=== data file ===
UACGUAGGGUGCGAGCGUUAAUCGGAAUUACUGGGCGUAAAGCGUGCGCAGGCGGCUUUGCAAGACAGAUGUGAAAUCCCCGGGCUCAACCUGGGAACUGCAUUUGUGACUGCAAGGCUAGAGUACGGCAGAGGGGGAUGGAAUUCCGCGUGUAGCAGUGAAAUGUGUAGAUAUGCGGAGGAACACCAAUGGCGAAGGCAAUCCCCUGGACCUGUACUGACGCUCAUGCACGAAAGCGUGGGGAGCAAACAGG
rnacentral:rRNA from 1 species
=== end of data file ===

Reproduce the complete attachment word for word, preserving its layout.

UACGUAGGGUGCGAGCGUUAAUCGGAAUUACUGGGCGUAAAGCGUGCGCAGGCGGCUUUGCAAGACAGAUGUGAAAUCCCCGGGCUCAACCUGGGAACUGCAUUUGUGACUGCAAGGCUAGAGUACGGCAGAGGGGGAUGGAAUUCCGCGUGUAGCAGUGAAAUGUGUAGAUAUGCGGAGGAACACCAAUGGCGAAGGCAAUCCCCUGGACCUGUACUGACGCUCAUGCACGAAAGCGUGGGGAGCAAACAGG
rnacentral:rRNA from 1 species